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|Title||Interprofessional Teamwork During Family Meetings in the Pediatric Cardiac Intensive Care Unit.|
|Publication Type||Journal Article|
|Year of Publication||2019|
|Authors||Walter JK, Sachs E, Schall TE, DeWitt AG, Miller VA, Arnold RM, Feudtner C|
|Journal||J Pain Symptom Manage|
|Date Published||2019 Mar 12|
BACKGROUND: Parents of children in the pediatric cardiac intensive care unit (CICU) report inadequate communication and a lack of empathy during conversations with their clinicians.
OBJECTIVE: To assess quantitatively and qualitatively the contributions made by team members of different professions in communicating with parents during family meetings.
DESIGN: Prospective observational study.
SETTING/SUBJECTS: The pediatric CICU at the Children's Hospital of Philadelphia. Subjects were members of the interprofessional team attending family meetings for patients admitted to the CICU longer than two weeks.
MEASUREMENTS: We used quantitative conversation attribution and coding to compare durations of attendee contributions and contribution type by professional role. The SCOPE codebook and other quantitative codes drawn from best practices in family meetings were used to measure communication behaviors. A qualitative analysis of nurses' and social workers' contributions was used to identify themes not otherwise captured.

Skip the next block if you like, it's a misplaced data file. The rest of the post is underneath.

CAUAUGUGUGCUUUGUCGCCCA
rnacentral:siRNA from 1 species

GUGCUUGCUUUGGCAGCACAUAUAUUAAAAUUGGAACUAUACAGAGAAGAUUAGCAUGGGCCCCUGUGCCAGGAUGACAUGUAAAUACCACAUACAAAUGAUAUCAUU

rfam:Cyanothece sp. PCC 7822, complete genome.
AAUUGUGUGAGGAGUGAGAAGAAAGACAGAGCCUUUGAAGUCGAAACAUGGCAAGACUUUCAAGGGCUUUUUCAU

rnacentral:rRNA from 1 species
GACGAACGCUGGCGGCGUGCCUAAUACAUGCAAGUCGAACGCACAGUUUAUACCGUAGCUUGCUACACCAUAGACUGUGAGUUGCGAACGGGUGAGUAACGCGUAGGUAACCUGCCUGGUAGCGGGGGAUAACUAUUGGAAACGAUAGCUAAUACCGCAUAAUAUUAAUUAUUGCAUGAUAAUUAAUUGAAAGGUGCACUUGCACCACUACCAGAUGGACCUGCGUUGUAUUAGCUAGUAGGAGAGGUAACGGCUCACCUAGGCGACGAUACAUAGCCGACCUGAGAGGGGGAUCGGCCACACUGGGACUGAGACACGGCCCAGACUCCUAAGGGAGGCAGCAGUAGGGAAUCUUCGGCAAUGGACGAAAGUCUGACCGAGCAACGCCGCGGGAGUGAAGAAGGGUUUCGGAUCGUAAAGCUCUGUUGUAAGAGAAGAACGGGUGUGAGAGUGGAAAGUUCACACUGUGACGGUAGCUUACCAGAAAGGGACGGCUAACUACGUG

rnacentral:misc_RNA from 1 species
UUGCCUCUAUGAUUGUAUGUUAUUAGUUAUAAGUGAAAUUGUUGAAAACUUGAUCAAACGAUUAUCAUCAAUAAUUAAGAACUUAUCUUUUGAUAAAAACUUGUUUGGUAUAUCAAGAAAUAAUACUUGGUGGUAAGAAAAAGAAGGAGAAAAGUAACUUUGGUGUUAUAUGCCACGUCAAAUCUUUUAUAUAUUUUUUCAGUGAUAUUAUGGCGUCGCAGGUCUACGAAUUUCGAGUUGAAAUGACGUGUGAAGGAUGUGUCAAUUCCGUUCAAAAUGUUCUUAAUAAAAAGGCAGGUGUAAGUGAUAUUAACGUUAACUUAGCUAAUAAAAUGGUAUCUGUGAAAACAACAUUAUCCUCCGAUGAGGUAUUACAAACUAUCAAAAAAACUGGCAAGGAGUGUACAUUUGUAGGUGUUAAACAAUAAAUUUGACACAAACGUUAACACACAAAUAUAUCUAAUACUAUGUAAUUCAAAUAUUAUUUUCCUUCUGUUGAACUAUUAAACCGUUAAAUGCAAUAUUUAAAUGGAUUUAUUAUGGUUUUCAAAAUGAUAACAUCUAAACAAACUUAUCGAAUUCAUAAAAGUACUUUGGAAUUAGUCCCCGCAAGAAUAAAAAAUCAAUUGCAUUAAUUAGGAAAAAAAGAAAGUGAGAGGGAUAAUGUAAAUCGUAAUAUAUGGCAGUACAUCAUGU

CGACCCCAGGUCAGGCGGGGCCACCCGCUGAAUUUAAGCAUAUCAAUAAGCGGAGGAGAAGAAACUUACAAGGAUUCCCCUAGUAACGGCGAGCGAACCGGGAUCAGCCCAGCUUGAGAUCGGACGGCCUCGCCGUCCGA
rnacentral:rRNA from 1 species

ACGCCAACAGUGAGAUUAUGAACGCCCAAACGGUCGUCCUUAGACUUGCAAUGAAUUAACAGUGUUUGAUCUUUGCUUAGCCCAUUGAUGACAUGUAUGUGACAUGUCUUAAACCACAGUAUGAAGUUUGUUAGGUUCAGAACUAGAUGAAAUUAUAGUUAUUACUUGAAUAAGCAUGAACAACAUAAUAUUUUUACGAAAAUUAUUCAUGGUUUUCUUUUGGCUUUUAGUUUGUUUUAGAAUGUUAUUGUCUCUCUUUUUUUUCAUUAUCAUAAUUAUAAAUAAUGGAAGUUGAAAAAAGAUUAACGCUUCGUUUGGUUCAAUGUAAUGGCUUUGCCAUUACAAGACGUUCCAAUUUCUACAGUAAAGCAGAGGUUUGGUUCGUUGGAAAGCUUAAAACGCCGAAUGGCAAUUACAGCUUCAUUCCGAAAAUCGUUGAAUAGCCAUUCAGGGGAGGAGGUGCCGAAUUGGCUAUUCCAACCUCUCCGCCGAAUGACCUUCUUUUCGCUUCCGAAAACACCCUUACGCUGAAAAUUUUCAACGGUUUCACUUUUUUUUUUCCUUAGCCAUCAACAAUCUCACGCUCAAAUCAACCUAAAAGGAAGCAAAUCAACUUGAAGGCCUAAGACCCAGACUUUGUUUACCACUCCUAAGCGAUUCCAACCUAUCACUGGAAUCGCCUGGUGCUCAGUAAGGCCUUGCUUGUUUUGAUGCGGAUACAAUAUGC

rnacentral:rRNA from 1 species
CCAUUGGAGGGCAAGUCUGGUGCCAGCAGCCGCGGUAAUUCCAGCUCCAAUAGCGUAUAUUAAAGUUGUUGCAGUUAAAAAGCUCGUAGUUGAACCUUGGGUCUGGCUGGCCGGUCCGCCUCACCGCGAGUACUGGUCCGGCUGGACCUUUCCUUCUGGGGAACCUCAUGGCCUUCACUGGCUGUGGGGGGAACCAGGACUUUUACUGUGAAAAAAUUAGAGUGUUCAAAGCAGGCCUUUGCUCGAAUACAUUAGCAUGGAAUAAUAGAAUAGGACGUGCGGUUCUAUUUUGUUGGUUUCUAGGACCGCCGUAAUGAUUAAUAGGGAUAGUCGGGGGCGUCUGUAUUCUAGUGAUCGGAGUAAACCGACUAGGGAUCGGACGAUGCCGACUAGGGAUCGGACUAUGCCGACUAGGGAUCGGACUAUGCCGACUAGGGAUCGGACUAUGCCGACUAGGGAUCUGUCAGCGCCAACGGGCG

RESULTS: Across 10 meetings, physicians spoke for an average of 78.1% (SD 10.7%) of each meeting, non-physicians 9.6% (SD 7.8%), and parents 17.4% (SD 12.2%). Parental understanding was assessed an average of 0.2 (SD 0.4) times per meeting. Parents expressed emotion an average of 4.2 times per meeting (SD 7.1) and the clinical team responded empathetically 2.2 times per meeting (SD 4.3). All clinician empathic responses were a minority of their overall contributions. Conversation was almost exclusively between physicians and families until physicians indicated other team members could contribute.
CONCLUSIONS: Coordination of team members' roles in the meetings may improve parental engagement necessary for decision-making and empathic responses that are often missed.
|Alternate Journal||J Pain Symptom Manage|